05 March, 2013

Learn from the Best

This is just a quick post to push another great post from Wayne Muramoto over at The Classic Budoka.  His insights into training, martial arts, and the experience in general are always welcome to me and help give me an extra boost.  I highly recommend him.

His latest post, all about self discovery and pushing yourself to learn, mirror some other interesting points made by Jesse Enkamp in his Karate Nerd (tm) emails from KaratebyJesse.  You need to explore not only what you do, but why and how.  Learn the history, study the past masters in your style and in related styles.  What did they look for?  What are you looking for?  Everything is a benefit to your training and in the end to the product: You.

I am continually impressed by the knowledge and persistance of others, over and above what I have been able to accomplish.  It gives me hope and motivation to reach my own potential, and I hope that those interested in The Way will also find these people to be equally insightful.

Summary of what I have learned from these recent posts/emails:

Push yourself once in a while.  Find some aspect of training you are weak on (just finding it can be tough, we all have blinders on) and work on it.  Learn something you didn't know previously.  Improve something you had as your worst skill.  Continue to improve.

I know this is corny, but I recall an anime/manga in which one of the protagonists said he found a way to beat a clone of himself - improve one iota.  Our goal as martial artists, over all other people, is to improve ourselves.  We must strive to be better than we were last year, last month, last week, yesterday, an hour ago, one minute ago.  If we can make that small improvement, than the effort was no misspent and we are making progress.  Whenever you feel you are on a plateau, recall what you could do before the training session...have you gotten one small benefit?  Then relax and be glad - 99.9% of people out there aren't even trying for that much.  Don't be too hard on yourself in regards to any lack of progress.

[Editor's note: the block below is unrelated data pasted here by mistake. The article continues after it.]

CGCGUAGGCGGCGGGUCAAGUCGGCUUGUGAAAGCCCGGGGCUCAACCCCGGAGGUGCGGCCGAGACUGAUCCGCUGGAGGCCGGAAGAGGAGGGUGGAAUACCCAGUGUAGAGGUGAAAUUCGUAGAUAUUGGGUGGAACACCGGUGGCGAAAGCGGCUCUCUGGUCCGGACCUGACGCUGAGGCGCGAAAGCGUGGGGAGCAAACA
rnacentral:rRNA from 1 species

This is starting to become a favourite saying of mine, and a bit of a catchphrase, but The Way is in the Training.



  1. There is nothing that Muramoto says that you can't find on Wikipedia. He justs rehashes the same old (often wrong) Japaneses themes. He likes to paint himself in 'Old Japan' like he is from the 19th century (...while my teacher played the shakuhachi in the next room)

    Several of his so called life experiences are actually taken from old Japanese samurai movies from the 40's, he doesn't think anyone will notice. You should try to find someone who actually knows what they talking about.

    1. Interesting point, Dave. I do take for granted that what I read is true, or at least that there is little reason to falsify - a bit naive on my part. Could you recommend some people or sources you consider knowledgeable?